The advance was begun at a walk or slow trot until the squadron had advanced to about sixty paces from the enemy. At this point, the squadron commander would order his men to “trot-out,” that is, ride forward now at a fast trot (canter).
As in Marlborough’s time, the emphasis was placed on maintaining strict order within the squadron formation. The troopers were to remain knee to knee throughout the charge. The next rank was to keep itself close enough to the first rank to push it toward the enemy, yet distant enough to avoid being stopped in its tracks if the first line was defeated.
The squadron commander if possible was to attempt to have the squadron advance obliquely to the right as it advanced, to be able to take a portion of the enemy line in flank as they met. In actuality, given the level of British cavalry training at this period, this proved difficult in practice and the two forces usually met head-on, if they actually closed to contact.
If the attack proved to be successful, the squadron was to halt at the position previously indicated for this purpose by the squadron commander. Here, it was to reorder itself to be able to respond to an enemy counter charge or wait to be supported by the squadrons following in column behind it. Should the first squadron’s charge be checked instead, its men were to ride to the left and right to clear the front so that the squadrons behind could continue the attack.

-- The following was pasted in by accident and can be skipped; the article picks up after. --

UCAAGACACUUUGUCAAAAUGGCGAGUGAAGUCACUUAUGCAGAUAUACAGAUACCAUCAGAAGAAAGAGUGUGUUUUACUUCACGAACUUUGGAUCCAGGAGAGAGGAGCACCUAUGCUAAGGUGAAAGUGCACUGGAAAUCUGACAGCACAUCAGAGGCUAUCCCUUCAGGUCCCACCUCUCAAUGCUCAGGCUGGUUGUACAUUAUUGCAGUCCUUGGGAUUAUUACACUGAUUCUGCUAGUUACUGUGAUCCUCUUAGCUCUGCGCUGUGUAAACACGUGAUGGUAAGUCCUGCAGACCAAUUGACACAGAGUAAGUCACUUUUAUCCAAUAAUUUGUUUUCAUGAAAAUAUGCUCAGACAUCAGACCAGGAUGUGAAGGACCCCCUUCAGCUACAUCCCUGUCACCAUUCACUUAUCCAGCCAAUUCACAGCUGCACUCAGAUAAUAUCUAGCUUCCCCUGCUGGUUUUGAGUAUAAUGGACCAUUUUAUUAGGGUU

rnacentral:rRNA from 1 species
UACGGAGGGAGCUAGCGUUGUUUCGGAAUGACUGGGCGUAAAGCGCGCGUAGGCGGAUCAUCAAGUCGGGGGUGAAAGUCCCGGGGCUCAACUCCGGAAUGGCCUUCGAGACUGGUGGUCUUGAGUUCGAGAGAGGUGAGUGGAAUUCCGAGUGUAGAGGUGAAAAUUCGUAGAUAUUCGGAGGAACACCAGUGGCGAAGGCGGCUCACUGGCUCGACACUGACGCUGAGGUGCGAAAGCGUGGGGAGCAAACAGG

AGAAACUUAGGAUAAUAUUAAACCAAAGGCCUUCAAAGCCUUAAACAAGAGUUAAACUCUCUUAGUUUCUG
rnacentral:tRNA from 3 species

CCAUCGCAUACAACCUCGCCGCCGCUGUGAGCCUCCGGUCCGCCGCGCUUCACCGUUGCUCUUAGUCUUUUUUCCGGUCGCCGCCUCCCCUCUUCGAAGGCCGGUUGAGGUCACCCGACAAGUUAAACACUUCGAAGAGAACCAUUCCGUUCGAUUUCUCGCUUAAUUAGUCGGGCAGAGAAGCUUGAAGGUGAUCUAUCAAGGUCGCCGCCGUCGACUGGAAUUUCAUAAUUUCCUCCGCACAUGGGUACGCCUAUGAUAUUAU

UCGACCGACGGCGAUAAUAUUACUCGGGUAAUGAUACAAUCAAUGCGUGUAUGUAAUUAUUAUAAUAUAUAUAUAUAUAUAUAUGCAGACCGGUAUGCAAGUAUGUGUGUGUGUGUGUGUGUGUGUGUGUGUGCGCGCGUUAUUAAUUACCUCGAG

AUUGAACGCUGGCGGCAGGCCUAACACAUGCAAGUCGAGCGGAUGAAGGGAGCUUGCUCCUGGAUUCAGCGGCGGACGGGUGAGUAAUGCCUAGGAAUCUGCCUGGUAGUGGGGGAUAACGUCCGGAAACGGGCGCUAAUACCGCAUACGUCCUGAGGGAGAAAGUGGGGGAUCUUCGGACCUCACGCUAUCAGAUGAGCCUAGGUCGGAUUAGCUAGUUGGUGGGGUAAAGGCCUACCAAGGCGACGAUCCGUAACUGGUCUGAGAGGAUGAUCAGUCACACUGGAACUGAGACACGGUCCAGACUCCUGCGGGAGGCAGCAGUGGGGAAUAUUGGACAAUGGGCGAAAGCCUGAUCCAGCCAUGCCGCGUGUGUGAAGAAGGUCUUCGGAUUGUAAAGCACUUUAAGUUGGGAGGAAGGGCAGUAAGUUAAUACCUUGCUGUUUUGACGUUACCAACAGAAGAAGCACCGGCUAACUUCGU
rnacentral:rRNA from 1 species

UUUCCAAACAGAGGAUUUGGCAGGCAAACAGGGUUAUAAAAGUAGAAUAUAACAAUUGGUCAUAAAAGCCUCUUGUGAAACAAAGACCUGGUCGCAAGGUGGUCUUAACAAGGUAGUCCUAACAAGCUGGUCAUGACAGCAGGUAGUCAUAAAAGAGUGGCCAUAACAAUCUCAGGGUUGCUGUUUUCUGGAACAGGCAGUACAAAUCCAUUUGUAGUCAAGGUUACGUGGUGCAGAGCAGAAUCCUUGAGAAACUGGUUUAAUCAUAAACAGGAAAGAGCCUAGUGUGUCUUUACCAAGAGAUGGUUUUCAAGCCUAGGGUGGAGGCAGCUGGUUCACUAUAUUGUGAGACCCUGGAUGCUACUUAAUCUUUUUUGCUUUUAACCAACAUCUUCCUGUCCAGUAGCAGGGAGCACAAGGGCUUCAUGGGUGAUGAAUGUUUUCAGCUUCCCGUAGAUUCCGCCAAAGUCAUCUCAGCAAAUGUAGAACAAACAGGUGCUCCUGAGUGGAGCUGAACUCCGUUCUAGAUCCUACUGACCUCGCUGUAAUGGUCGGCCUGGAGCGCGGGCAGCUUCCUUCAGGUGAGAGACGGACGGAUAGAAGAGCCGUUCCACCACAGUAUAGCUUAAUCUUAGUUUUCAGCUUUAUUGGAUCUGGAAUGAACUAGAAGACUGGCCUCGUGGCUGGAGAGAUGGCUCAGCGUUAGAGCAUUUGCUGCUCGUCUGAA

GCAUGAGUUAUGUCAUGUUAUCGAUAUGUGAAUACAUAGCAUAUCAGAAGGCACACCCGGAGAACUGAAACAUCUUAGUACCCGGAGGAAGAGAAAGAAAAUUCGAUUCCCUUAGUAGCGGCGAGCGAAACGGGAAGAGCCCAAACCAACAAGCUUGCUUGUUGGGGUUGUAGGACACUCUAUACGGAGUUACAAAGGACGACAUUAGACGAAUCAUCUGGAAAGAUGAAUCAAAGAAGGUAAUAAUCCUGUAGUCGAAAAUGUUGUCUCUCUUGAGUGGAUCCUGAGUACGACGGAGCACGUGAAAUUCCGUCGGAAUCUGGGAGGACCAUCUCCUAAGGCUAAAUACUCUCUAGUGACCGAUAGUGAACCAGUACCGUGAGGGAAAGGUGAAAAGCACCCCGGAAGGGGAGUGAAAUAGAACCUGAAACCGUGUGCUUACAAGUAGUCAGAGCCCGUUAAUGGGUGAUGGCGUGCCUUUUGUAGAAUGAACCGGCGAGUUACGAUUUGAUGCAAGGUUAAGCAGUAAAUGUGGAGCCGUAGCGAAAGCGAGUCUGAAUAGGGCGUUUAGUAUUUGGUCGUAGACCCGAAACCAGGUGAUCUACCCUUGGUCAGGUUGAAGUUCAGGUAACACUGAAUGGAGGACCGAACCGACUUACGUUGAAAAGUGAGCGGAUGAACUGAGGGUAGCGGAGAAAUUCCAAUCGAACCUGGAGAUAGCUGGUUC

…The British cavalry lacked the thorough training and appears to have never have mastered the multiphased aspect of the Prussian (cavalry) charge at the gallop. British cavalry tended to charge enthusiastically without being able to maintain the tightness of formation….
…The Hanoverian cavalry appears to have been even more conservative, relying on the traditional advance at the trot and, the discharge of firearms prior to closing with the sword. One interesting feature of the Hanoverian cavalry charge was that the troopers in the third line (of the squadron) would “double,” that is, they would close into any space provided by the intervals between squadrons of files within the squadron to tighten up the formation….13
French Infantry tactics.